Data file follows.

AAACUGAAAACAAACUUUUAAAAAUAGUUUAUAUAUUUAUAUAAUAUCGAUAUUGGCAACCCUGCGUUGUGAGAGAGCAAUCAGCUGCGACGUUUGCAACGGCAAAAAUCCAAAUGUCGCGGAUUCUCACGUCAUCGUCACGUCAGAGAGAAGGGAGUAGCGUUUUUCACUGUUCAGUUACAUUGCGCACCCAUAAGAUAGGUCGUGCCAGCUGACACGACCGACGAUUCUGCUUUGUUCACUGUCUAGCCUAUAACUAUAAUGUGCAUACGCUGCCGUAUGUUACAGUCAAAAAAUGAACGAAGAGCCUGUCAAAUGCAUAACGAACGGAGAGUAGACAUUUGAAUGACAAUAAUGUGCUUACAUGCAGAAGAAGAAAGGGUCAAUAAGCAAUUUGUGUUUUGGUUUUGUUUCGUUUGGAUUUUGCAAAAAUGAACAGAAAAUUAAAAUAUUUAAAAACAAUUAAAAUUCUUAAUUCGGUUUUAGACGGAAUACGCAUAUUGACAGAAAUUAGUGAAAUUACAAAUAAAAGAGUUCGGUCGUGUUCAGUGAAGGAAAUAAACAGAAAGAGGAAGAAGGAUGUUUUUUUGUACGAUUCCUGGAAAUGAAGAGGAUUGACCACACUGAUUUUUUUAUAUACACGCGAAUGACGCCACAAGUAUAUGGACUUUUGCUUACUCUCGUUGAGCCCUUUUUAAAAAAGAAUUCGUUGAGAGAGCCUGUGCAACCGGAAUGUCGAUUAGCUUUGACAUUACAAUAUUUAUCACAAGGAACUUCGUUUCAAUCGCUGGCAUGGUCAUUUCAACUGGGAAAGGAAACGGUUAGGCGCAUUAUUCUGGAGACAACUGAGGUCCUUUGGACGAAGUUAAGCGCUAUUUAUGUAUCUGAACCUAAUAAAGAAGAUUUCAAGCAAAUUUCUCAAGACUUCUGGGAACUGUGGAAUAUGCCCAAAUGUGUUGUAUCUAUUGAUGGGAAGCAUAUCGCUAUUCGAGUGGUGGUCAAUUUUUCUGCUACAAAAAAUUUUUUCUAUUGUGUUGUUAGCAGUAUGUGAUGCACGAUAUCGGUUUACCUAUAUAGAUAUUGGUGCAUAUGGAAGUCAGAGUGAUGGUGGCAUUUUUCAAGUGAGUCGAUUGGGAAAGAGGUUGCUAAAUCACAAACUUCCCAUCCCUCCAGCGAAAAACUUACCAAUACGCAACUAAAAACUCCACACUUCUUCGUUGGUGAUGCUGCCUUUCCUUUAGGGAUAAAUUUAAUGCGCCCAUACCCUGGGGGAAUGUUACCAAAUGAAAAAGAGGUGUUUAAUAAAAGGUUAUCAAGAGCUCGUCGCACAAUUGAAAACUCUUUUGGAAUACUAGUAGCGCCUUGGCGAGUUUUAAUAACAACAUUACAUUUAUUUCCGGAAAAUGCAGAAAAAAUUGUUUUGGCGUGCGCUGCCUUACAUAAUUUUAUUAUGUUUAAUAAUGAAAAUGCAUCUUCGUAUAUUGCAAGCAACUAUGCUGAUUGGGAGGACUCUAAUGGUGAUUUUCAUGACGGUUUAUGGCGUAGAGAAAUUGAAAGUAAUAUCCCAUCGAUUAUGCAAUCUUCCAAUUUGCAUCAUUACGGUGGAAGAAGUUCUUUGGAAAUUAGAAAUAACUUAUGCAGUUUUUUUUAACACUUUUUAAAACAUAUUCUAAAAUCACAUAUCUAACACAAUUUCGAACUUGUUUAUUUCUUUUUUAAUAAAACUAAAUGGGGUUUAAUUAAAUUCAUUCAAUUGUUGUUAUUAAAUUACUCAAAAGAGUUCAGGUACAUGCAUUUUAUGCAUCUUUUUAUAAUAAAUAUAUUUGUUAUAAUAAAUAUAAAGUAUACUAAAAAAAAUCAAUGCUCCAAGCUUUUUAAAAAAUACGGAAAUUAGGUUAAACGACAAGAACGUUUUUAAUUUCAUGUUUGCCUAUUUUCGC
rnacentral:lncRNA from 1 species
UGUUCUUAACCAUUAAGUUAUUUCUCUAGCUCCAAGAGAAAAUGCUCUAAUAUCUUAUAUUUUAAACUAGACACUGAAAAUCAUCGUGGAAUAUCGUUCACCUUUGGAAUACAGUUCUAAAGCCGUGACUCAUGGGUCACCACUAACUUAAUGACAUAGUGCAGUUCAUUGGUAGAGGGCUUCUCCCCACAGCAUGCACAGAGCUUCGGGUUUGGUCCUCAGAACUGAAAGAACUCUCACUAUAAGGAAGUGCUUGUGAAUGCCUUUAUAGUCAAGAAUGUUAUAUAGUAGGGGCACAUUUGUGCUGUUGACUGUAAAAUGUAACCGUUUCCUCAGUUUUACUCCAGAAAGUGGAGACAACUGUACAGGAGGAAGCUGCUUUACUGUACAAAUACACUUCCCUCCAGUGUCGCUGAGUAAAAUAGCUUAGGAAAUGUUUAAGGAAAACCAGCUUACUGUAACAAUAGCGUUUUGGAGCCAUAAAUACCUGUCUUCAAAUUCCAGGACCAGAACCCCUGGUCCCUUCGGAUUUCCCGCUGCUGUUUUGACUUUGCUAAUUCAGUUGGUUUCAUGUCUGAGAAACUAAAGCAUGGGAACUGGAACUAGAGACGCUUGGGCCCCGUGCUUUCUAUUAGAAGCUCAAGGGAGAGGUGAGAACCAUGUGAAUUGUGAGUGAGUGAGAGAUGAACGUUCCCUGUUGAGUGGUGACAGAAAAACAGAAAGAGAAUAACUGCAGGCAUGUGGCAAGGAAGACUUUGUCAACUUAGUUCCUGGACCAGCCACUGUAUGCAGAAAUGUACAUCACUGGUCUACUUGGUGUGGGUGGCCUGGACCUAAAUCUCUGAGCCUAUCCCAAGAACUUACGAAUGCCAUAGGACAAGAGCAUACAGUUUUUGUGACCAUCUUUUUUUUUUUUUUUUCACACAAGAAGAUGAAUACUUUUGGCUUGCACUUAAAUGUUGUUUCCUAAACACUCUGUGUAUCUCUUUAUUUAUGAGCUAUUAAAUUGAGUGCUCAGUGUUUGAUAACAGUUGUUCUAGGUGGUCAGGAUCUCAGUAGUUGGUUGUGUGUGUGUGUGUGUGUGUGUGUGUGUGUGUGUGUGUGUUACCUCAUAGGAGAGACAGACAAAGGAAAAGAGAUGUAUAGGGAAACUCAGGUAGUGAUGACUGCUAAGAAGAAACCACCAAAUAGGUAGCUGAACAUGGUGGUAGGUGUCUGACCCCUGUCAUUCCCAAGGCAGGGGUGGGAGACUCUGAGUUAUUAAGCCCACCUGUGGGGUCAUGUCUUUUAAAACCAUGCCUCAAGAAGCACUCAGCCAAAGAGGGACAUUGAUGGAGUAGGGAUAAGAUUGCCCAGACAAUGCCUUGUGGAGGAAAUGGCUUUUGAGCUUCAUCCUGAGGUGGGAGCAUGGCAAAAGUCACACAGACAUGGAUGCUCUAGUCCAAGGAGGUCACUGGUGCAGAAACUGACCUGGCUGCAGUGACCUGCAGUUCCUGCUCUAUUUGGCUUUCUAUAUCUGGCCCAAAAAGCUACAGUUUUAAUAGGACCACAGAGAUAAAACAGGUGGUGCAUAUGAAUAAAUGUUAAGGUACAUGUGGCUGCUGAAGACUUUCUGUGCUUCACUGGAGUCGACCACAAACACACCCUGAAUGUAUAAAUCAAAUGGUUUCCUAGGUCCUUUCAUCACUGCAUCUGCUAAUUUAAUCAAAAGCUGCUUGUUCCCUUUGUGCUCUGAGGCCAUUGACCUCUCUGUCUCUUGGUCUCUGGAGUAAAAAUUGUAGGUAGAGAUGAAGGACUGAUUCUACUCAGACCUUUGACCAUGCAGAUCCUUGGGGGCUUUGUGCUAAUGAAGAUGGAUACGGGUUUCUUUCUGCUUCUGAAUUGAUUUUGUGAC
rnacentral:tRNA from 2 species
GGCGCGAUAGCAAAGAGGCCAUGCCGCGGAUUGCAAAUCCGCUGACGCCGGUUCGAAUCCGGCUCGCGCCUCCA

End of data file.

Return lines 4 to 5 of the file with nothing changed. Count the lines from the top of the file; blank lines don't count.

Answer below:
rnacentral:tRNA from 2 species
GGCGCGAUAGCAAAGAGGCCAUGCCGCGGAUUGCAAAUCCGCUGACGCCGGUUCGAAUCCGGCUCGCGCCUCCA